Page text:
As we get off, the woman at the desk makes the announcement to hang around the area until they figure out what they're going to do. A little after 12, they tell us that they have another plane and are going to put us all on it. They'll tell us where to go in a little while. A little after 12:30, they tell us they'll have an announcement by 1:15. Finally, about 1:10, they tell us that we all have to change gates, so we're moving down to gate 42. We get there and eventually the woman tells us that since the original flight has been cancelled, they're going to dragoon a plane that's due to leave to Mexico and put us all on it. But since the original flight has been cancelled, we'll all have to stand in line and get new boarding passes for the new flight -- the information about which will be forthcoming. All this time, the message baord in back of her is flashing contradictory information -- that our flight has been cancelled; that it hasn't; that it's leaving at 2, 2:15, or 2:30; that we should be at this gate; that we should be at another gate.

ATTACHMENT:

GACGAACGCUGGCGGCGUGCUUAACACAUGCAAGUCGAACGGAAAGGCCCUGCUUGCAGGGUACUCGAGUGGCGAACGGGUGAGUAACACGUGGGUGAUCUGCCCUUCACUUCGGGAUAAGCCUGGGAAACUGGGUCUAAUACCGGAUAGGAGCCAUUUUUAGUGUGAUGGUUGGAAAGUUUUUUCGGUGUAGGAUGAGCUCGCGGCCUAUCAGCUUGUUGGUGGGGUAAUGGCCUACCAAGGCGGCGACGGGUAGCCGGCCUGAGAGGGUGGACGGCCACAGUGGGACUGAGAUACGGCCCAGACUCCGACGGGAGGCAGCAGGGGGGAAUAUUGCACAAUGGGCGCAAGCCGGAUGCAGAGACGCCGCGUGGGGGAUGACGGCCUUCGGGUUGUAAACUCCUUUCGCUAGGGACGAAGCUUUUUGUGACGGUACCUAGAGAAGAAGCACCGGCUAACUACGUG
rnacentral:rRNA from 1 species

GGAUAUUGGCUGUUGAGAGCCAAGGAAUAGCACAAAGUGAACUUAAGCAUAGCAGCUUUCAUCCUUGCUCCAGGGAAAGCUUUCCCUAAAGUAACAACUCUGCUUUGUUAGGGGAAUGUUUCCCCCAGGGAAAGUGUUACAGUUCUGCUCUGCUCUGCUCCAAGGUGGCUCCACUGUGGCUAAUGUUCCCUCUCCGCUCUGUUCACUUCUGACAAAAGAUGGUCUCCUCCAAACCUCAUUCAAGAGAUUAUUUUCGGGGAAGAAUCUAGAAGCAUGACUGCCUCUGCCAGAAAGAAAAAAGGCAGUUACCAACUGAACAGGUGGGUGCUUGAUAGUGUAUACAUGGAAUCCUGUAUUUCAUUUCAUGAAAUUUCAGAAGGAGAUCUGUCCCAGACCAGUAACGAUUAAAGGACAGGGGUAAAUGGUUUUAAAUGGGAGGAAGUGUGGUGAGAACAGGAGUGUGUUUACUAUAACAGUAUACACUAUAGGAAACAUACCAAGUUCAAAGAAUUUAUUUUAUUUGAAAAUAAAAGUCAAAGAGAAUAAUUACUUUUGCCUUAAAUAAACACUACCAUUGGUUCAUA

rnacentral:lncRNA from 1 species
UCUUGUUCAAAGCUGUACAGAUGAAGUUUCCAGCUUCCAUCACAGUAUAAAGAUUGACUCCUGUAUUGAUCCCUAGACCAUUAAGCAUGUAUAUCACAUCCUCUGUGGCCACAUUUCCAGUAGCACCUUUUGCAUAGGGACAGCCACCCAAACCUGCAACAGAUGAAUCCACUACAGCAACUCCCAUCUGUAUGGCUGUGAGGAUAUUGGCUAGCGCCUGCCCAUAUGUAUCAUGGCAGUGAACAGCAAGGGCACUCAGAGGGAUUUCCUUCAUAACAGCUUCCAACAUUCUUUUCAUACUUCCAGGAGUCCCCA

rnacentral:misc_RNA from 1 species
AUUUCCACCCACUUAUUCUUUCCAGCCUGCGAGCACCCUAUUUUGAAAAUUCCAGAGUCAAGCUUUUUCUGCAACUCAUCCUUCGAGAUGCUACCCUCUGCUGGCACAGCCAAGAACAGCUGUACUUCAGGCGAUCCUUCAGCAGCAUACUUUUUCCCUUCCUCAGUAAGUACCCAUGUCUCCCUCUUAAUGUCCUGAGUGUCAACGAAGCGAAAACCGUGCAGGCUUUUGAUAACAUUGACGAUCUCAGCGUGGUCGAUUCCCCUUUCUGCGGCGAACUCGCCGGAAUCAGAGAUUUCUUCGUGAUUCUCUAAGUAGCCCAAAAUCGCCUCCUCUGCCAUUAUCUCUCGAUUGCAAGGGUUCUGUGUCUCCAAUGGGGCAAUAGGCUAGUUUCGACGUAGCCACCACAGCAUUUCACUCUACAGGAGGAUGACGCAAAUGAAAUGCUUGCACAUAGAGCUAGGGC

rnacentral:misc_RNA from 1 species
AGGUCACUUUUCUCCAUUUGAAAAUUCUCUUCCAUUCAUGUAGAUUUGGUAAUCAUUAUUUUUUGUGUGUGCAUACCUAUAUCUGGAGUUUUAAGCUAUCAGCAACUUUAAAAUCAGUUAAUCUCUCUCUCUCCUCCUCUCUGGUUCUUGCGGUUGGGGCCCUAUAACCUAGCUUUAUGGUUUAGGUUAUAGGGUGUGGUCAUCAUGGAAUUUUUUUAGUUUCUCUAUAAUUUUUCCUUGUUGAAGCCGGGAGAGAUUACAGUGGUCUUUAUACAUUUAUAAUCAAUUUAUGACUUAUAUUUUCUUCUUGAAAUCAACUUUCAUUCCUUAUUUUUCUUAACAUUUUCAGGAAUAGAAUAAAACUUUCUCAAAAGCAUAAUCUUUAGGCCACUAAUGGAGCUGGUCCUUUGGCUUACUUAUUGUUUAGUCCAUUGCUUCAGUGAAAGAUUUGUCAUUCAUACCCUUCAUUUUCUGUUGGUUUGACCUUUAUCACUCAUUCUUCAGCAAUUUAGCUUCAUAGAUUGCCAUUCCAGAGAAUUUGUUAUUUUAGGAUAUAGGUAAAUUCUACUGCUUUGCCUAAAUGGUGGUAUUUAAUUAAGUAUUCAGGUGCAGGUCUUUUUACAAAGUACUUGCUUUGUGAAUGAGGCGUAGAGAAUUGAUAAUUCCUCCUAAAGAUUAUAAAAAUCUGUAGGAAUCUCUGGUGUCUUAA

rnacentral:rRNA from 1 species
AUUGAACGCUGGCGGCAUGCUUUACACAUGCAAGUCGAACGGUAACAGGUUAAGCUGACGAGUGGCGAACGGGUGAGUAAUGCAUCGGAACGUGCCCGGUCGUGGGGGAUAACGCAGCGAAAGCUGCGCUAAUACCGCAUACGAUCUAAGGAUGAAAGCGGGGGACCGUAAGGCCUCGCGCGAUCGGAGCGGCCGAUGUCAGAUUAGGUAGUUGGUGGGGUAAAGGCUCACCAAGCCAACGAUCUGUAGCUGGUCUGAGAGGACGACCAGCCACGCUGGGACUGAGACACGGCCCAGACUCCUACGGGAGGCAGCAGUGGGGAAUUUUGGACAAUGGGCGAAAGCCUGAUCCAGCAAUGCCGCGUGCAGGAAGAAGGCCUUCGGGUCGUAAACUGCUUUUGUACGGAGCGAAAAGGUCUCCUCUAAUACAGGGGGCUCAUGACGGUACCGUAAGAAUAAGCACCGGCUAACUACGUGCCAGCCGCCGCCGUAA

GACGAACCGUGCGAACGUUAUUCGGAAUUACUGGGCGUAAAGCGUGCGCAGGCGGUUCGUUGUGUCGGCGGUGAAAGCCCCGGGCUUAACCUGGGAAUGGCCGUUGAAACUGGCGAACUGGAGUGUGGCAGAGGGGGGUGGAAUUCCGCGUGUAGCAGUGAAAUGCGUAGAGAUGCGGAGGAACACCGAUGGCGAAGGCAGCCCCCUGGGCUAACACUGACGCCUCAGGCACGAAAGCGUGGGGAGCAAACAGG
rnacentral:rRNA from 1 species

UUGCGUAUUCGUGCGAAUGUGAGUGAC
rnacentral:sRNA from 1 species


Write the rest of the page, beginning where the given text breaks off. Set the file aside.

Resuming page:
(Allow me to say here that the airline people we great; they kept us fully informed as best they could, even if the information they were getting from upstairs made no sense.)